Well I finished the other Nancy Drew. I don’t know what’s happened to me. Though these games have never exactly been lengthy, I at least used to savor them. It just feels like I reach this point that is usually right before the penultimate chain of events where all I want to do is hurry up and get done. Despite truly enjoying this installment’s puzzles and characters, this was no different for Labyrinth of Lies.
Here Nancy is in Greece working at a museum when she arrives to see that her boss has run off to track down some missing jewelry for an exhibit. For the thousandth time, she is given relatively high security clearance for a teenager with complete access to the exhibits and artifacts. But this means I get to do one of my favorite parts of these games: chores!
That might sound sarcastic, but it’s really not. I’m speaking earnestly.
The one part of these games that keeps me convinced that school-aged children are a large part of their intended demographic is the subtle doses of learning. Each game takes place in a different location that lends itself to history, science, and mythology. More often than not, Nancy is simultaneously working and sleuthing in these games, meaning she has a to-do list each day. With too many examples to count, let’s talk about this game. It has all three!
History: Well, more specifically, art history. Considering you’re at an art museum, this is a given. But to be able to complete the work your boss, Melina, wants you to do in her absent, you have to read certain books and glean the useful information from them. Here you need to learn about the different styles of temples and vases so that you can prepare their corresponding exhibits. Obviously these tasks are a mix of deducting and puzzling, but these are wrapped with an educational ribbon.
Science: For someone who can tell you nothing about the subject, this was my favorite part of the game. You are asked to authenticate a few pieces of jewelry in the museum, and in the office are some guidelines. You get to see how you can tell if different gemstones and metals are real. Sadly you only get to do this process three times. Often you get to do optional versions of past puzzles for kicks, and I wish this had been an option. With the funny business happening at this museum, would it have really been a waste of time for me to prove the authenticity of, well, everything?
Mythology: Honesty, it’s important. I’d be lying if I said I liked the implementation of Greek mythology. I feel like these games use it in every other game for some reason or another, and I’m getting a little tired of it. Seriously, there are thousands of cultures and millions of years to pull from. Why harp on this one constantly? And sadly, all of the puzzles seem to be based in it. I honestly don’t feel like I can talk in detail without sounding completely irrational and launching into a potentially culturally-insensitive rant that will result in Zeus smiting me down, lightning bolts and all.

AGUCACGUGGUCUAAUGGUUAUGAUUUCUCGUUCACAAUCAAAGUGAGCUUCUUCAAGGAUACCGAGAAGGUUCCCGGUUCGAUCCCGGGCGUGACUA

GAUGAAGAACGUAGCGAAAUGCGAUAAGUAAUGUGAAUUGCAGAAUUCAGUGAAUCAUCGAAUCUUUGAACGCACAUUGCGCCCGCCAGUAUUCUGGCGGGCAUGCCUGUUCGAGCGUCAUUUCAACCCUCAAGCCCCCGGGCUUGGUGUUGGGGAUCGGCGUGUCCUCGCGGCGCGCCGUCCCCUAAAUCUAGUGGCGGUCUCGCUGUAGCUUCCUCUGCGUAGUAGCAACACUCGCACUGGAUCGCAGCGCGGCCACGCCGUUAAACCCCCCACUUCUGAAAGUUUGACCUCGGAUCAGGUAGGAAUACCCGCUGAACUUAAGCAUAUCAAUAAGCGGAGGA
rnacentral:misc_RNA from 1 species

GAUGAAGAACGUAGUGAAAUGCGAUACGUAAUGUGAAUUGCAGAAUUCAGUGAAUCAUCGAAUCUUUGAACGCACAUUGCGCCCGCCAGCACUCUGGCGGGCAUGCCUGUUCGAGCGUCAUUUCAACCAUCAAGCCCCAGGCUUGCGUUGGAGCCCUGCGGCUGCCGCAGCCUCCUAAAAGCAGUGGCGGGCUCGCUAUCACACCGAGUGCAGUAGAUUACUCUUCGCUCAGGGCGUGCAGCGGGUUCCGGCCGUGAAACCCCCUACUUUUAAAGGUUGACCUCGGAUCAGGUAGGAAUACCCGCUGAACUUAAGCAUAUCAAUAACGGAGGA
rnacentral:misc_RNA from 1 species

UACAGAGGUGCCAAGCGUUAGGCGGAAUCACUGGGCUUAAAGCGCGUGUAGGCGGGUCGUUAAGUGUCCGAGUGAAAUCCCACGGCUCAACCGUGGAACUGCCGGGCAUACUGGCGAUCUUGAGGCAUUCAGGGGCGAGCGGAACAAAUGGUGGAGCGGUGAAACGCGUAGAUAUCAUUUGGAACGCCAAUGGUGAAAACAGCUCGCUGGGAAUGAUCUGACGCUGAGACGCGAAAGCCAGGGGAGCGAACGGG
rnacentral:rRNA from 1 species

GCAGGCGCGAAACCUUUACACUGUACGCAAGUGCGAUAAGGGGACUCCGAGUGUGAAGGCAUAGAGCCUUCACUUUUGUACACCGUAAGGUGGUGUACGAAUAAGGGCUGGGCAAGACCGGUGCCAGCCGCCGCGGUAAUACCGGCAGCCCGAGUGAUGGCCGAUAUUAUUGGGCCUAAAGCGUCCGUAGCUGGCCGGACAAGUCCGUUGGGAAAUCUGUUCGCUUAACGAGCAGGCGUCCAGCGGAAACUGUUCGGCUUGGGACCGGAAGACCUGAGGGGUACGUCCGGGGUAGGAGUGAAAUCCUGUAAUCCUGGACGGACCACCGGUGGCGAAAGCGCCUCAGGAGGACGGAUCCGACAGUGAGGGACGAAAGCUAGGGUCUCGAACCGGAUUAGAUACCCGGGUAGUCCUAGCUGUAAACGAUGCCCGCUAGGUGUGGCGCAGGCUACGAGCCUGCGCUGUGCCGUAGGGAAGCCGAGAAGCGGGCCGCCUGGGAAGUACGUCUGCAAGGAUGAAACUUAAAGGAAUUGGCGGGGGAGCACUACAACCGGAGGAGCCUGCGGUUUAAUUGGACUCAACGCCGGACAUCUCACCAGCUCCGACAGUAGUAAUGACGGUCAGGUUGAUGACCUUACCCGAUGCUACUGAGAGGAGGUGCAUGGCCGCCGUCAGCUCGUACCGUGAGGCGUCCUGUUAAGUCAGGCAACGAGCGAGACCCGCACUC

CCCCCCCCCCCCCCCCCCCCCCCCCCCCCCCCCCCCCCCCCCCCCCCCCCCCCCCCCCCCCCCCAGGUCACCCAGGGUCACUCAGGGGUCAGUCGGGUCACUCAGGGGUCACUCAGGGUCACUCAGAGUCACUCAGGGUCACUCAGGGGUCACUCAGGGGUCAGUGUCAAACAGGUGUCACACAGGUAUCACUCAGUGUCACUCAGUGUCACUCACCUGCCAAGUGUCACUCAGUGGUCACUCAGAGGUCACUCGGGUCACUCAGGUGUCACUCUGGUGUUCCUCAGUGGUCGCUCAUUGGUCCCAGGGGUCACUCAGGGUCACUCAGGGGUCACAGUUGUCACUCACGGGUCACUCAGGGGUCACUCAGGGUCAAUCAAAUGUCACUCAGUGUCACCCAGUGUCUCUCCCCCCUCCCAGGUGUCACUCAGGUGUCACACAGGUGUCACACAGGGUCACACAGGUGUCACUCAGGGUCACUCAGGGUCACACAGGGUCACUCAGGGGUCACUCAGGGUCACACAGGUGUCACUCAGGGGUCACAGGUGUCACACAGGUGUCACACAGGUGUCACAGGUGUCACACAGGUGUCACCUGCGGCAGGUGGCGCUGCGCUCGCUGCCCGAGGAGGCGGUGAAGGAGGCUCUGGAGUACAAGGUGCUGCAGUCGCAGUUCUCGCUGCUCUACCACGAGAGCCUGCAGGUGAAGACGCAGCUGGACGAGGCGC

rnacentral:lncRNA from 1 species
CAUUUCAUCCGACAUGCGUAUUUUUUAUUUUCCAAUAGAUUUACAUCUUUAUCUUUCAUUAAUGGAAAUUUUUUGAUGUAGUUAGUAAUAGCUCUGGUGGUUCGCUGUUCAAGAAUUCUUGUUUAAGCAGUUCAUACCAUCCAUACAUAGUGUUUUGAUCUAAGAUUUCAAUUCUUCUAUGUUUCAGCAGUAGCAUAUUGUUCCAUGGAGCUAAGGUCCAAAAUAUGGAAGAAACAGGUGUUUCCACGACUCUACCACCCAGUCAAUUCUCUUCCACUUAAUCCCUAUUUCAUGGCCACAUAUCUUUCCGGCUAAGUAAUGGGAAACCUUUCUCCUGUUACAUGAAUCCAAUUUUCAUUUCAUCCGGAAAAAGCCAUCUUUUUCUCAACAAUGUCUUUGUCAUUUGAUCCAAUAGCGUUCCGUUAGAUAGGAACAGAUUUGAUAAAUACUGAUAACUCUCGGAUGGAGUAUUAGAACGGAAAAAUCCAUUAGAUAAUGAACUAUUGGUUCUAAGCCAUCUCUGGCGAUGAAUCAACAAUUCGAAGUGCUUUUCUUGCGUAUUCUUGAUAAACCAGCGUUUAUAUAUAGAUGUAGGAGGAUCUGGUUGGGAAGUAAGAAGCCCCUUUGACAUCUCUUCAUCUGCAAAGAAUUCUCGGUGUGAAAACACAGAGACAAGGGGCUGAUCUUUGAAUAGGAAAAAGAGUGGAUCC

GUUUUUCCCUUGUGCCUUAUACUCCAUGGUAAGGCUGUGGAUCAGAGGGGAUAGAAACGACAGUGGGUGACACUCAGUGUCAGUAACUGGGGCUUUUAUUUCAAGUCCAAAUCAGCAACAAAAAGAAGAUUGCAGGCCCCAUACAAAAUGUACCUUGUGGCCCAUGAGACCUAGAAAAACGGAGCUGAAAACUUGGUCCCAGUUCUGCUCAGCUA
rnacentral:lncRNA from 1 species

One standout has to be one character. Typically I don’t bother getting invested in these characters, viewing them instead as vehicles to give me information and tasks to do. More often than not, I speed through conversations, knowing that anything important will get through on either my task list or in my journal. But here I was intrigued by one guy in general: Grigor.
Now that’s not his real name, but we are never privy to that information. He is meant to make you think. From looking at his tablet he leaves out quite a bit considering everyone he works with is a possible art-stealing mastermind, you see that he has observational skills that rival Nancy’s. Through further investigation, you find out he grew up in foster care, having to constantly adapt his personality to whoever his new family wanted him to be. This made him an expert at reading people and using their setting and personal belongings to build a character profile for them .It makes you wonder how Nancy would have reacted in a similar situation, far away from her dad’s influence, the Hardy boys, and her friends and boyfriend who consistently enable her reckless behavior. She probably would have done the same thing as Grigor as much out of her survival instinct as much as her natural curiosity.
But now I’m off to continue my adventure game kick. Lucky for you that Sherlock bundle was on sale last week. Oh, sorry, I misspoke. Lucky for me.